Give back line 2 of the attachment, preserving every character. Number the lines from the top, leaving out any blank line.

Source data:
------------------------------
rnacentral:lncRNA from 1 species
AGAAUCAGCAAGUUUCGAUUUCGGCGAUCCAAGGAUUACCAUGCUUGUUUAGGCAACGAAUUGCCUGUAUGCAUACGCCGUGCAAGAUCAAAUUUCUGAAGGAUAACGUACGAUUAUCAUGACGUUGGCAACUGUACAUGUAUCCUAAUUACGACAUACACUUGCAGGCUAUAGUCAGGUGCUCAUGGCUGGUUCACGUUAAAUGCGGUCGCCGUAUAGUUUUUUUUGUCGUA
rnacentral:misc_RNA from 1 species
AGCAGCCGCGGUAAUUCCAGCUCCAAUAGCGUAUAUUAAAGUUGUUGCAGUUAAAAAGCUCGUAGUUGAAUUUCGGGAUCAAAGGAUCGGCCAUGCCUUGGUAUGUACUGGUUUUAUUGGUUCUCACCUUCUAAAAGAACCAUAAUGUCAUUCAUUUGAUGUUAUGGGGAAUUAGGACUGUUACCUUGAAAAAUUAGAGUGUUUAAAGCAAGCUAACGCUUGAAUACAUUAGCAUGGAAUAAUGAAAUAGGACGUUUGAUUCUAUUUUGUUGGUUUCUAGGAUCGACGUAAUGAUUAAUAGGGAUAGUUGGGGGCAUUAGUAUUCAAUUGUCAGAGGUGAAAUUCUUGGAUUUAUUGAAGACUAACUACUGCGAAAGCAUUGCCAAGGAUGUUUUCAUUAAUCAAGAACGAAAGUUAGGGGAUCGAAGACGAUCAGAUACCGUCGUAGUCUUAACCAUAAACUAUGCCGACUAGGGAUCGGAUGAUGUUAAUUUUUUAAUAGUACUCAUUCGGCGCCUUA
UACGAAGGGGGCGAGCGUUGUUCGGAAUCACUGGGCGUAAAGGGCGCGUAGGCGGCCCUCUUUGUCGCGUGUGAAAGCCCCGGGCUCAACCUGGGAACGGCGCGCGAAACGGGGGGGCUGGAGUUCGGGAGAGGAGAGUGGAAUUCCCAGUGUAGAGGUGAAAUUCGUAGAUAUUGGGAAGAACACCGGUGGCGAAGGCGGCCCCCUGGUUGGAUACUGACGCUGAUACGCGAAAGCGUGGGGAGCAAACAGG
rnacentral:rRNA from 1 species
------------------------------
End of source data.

AGAAUCAGCAAGUUUCGAUUUCGGCGAUCCAAGGAUUACCAUGCUUGUUUAGGCAACGAAUUGCCUGUAUGCAUACGCCGUGCAAGAUCAAAUUUCUGAAGGAUAACGUACGAUUAUCAUGACGUUGGCAACUGUACAUGUAUCCUAAUUACGACAUACACUUGCAGGCUAUAGUCAGGUGCUCAUGGCUGGUUCACGUUAAAUGCGGUCGCCGUAUAGUUUUUUUUGUCGUA